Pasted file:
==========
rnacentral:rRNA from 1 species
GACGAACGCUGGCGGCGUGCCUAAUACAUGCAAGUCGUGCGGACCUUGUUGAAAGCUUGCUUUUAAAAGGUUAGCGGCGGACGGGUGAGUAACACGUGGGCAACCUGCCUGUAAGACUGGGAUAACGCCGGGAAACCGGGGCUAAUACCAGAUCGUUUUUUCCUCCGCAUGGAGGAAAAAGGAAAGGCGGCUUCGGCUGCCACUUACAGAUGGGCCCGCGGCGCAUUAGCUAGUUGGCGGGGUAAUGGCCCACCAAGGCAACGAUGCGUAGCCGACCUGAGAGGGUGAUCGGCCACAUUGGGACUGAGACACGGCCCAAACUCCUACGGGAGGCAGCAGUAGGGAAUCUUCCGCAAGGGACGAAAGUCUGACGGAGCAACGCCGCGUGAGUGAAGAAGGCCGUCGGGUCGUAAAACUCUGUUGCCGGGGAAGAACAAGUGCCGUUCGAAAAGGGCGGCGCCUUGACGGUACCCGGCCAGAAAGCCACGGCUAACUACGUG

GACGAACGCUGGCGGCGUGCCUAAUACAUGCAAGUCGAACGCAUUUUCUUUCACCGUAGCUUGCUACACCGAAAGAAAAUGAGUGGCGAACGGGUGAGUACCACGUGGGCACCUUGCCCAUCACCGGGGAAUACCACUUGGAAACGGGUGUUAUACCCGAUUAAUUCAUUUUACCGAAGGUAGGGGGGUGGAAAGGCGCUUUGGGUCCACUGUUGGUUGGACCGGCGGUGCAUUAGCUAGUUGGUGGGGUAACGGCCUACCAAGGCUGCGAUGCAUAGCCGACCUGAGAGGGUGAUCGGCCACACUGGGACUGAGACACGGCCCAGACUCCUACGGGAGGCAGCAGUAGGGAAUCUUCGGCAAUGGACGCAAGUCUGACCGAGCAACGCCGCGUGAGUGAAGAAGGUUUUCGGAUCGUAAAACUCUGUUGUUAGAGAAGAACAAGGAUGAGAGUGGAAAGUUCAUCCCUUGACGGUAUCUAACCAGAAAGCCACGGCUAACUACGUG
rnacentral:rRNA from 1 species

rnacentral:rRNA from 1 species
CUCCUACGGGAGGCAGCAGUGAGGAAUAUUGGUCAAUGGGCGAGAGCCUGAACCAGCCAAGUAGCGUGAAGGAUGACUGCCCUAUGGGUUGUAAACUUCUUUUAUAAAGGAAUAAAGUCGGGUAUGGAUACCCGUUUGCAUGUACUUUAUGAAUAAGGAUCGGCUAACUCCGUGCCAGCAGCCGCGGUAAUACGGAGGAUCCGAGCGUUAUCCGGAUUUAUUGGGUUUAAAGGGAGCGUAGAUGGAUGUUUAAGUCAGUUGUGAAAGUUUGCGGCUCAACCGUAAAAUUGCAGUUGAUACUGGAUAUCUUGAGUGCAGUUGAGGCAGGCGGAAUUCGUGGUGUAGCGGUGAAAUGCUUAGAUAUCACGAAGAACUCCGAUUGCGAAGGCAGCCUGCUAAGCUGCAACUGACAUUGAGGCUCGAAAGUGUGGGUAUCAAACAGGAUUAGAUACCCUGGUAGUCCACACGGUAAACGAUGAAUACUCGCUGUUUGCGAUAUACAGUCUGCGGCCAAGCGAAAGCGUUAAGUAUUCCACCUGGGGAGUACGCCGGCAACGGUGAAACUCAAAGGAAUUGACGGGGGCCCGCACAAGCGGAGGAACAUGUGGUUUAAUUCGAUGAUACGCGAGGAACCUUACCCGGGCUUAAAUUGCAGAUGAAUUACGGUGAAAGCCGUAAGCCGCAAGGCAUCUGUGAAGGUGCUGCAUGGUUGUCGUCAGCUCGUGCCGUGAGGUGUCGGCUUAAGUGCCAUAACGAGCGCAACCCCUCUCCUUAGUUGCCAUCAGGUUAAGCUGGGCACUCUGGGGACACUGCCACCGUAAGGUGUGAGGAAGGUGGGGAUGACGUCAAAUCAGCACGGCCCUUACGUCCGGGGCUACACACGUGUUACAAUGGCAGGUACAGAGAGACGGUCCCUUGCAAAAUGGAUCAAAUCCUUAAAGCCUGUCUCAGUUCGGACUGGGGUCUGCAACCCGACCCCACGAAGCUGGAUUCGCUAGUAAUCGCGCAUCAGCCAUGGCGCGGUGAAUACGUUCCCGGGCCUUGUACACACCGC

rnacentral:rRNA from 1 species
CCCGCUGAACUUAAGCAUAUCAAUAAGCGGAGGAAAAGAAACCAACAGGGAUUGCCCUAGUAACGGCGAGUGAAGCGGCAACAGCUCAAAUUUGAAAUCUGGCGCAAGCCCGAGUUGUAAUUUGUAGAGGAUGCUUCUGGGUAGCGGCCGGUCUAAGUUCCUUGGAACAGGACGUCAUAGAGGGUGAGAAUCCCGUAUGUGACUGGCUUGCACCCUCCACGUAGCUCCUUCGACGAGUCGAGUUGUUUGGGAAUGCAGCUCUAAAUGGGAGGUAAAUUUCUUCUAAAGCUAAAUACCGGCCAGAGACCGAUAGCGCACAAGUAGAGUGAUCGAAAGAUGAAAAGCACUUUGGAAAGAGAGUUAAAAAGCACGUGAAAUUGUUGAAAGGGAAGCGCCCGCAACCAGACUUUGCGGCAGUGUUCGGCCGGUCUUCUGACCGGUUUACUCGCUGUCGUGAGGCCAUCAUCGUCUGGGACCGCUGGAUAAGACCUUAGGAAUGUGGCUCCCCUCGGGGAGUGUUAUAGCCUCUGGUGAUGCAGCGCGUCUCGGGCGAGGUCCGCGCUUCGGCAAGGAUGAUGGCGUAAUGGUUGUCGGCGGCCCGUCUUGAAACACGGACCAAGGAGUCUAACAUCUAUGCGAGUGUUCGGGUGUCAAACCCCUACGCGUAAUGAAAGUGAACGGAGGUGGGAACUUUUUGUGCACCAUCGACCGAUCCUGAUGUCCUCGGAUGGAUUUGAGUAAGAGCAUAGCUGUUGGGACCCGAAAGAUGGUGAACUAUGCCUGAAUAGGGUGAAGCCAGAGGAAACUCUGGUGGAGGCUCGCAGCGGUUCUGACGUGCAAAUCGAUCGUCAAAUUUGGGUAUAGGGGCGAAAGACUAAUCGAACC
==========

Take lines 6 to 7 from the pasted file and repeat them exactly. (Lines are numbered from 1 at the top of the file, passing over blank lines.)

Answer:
CUCCUACGGGAGGCAGCAGUGAGGAAUAUUGGUCAAUGGGCGAGAGCCUGAACCAGCCAAGUAGCGUGAAGGAUGACUGCCCUAUGGGUUGUAAACUUCUUUUAUAAAGGAAUAAAGUCGGGUAUGGAUACCCGUUUGCAUGUACUUUAUGAAUAAGGAUCGGCUAACUCCGUGCCAGCAGCCGCGGUAAUACGGAGGAUCCGAGCGUUAUCCGGAUUUAUUGGGUUUAAAGGGAGCGUAGAUGGAUGUUUAAGUCAGUUGUGAAAGUUUGCGGCUCAACCGUAAAAUUGCAGUUGAUACUGGAUAUCUUGAGUGCAGUUGAGGCAGGCGGAAUUCGUGGUGUAGCGGUGAAAUGCUUAGAUAUCACGAAGAACUCCGAUUGCGAAGGCAGCCUGCUAAGCUGCAACUGACAUUGAGGCUCGAAAGUGUGGGUAUCAAACAGGAUUAGAUACCCUGGUAGUCCACACGGUAAACGAUGAAUACUCGCUGUUUGCGAUAUACAGUCUGCGGCCAAGCGAAAGCGUUAAGUAUUCCACCUGGGGAGUACGCCGGCAACGGUGAAACUCAAAGGAAUUGACGGGGGCCCGCACAAGCGGAGGAACAUGUGGUUUAAUUCGAUGAUACGCGAGGAACCUUACCCGGGCUUAAAUUGCAGAUGAAUUACGGUGAAAGCCGUAAGCCGCAAGGCAUCUGUGAAGGUGCUGCAUGGUUGUCGUCAGCUCGUGCCGUGAGGUGUCGGCUUAAGUGCCAUAACGAGCGCAACCCCUCUCCUUAGUUGCCAUCAGGUUAAGCUGGGCACUCUGGGGACACUGCCACCGUAAGGUGUGAGGAAGGUGGGGAUGACGUCAAAUCAGCACGGCCCUUACGUCCGGGGCUACACACGUGUUACAAUGGCAGGUACAGAGAGACGGUCCCUUGCAAAAUGGAUCAAAUCCUUAAAGCCUGUCUCAGUUCGGACUGGGGUCUGCAACCCGACCCCACGAAGCUGGAUUCGCUAGUAAUCGCGCAUCAGCCAUGGCGCGGUGAAUACGUUCCCGGGCCUUGUACACACCGC

rnacentral:rRNA from 1 species